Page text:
Thursday, February 27, 2014

Anne Elliot is an intelligent, overlooked middle daughter of the vain Sir Walter Elliot, who cares only for good looks and rank, who over spends and forces the family into retrenching to Bath. Elizabeth, the self-involved older sister resembles her father in temperament. Anne’s younger sister, Mary, is a nervous, clinging woman who has made an unspectacular marriage to Charles Musgrove of Uppercross Hall, the heir to a rural but respected local squire.
Ann, at age 19, considered accepting a proposal of marriage from the handsome, young naval officer Frederick Wentworth. He was clever, confident, and ambitious, but poor and with no particular family connections to recommend him. Her older friend and mentor, Lady Russell, acting in place of Anne's late mother, persuaded her to break the engagement. Lady Russell questioned the wisdom of Anne marrying a penniless young naval officer without family or connections and whose prospects were so uncertain. Wentworth is left bitter at Lady Russell’s interference and Anne’s own want of fortitude.
Now 27, and still unmarried, Anne re-encounters her former love when his sister and brother-in-law, the Crofts, take out a lease on Kellynch. Wentworth is now a captain and wealthy from maritime victories in the Napoleonic wars. However, he has not forgiven Anne for rejecting him. While publicly declaring that he is ready to marry any suitable young woman who catches his fancy, he privately resolves that he is ready to become attached to any appealing young woman with the exception of Anne Elliot.
Through a series of events, Anne and Frederick realize they still admire and love each other, but neither is sure if their feelings are reciprocated. Sir Walter’s heir, William Elliot reunites with the family and everyone is delighted with the reunion, but Ann, who is suspicious of his motives and character. Mrs. Smith, an former school friend of Ann’s, warns Ann about William Elliot’s true character and self center motives. The Musgroves, Crofts, Captain Harville and Wentworth all converge on Bath. Wentworth overhears Ann and Captain Harville discussing the relative faithfulness of men and women in love. Wentworth writes a note to Anne detailing his feelings for her. In a tender scene, Anne and Wentworth reconcile and renew their engagement.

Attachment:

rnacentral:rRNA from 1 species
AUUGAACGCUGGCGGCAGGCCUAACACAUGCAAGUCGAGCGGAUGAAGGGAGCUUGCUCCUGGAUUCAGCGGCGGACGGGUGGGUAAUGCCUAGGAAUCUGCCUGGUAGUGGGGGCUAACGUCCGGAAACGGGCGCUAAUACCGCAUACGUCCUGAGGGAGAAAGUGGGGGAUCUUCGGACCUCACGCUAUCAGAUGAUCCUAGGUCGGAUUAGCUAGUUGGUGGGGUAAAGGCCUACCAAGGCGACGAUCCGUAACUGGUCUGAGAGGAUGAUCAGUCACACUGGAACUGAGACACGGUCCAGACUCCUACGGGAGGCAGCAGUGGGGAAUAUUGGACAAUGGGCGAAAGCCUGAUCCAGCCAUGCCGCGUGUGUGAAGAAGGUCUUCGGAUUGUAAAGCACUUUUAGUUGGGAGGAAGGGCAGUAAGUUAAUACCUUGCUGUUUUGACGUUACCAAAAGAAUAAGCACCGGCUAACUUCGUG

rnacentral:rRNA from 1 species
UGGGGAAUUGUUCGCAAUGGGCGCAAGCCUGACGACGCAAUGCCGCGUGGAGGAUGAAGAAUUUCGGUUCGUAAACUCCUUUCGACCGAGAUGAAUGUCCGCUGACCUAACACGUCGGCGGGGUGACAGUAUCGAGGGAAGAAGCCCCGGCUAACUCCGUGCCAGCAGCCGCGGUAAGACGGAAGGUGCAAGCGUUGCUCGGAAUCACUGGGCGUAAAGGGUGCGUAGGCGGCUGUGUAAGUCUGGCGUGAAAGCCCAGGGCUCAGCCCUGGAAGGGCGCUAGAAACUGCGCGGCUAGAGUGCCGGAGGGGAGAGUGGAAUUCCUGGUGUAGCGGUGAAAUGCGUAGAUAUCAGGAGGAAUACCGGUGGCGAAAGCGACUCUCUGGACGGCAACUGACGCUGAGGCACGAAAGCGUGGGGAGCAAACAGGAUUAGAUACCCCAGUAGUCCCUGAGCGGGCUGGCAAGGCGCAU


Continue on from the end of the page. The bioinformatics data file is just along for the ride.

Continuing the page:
The match is now more palatable to Anne’s family — their waning fortunes and Wentworth’s waxing ones have made a considerable difference. Also, ever overvaluing good looks, Sir Walter is favorably impressed with his future son-in-law’s appearance. Lady Russell admits she has been completely wrong about Captain Wentworth, and she and Anne remain friends.
Prudence (privilege, disguised as wisdom, going by the rules) versus romance, in which prudence comes up against romance and its transformative capacities and possibilities. Ann had been forced into prudence in her youth, she learned romance as she grew older. This well describes the way in which Austen reverses the usual narrative associated of youth with romance and feeling and age with reason and wisdom.
The relationship between Ann and Frederick represents the avoidance of both cold alliance for social privilege and the moral risks of passion. As the novel brings the lovers together in its final chapters, their reunion is said to be better than the first love because it is “fixed in a knowledge of each other’s character, truth, and attachment” – in other works, in realism and mutuality (like the Crofts) which makes them more justified in acting. (p. 227)
Mrs. Croft reprimands Captain Wentworth because he speaks of women as if they “were all fine ladies, instead of rational creatures. We none of us expect to be in smooth water all our days.” (p. 66) She is a woman willing to exert herself and bear discomfort rather than aim for the social status of the privileged fine lady. In this, she repudiates the fixed hierarchical idea of women as weak vessels who are unreasonable, delicate, and docile by nature.

Before the 19th century, marriage was a practical consideration viewed as an economic alliance and a guarantor of status in society. It was also potentially a source of emotional sustenance, although that was not the primary reason to enter into marriage. The marital relationship was the keystone of the early modern family economy. Only those who married had the opportunity to establish their own household, and many European states made economic viability a condition before permission to marry was granted. The financial and material contribution of both spouses was essential. (Simonton, p. 24). Social class was also an important consideration when deciding who was appropriate to marry; if both people were not of the same social class, there was not enough motivation to enter into married. Marriage, love, and romance were not the first considerations to get married before the late 18th century. The rise of individualism (a result of the French Revolution) together with a new respect for the individual pursuit of happiness in the late eighteenth centuries brought about the rise of a companionate marriage. (Class discussions). 

Sherry Measom

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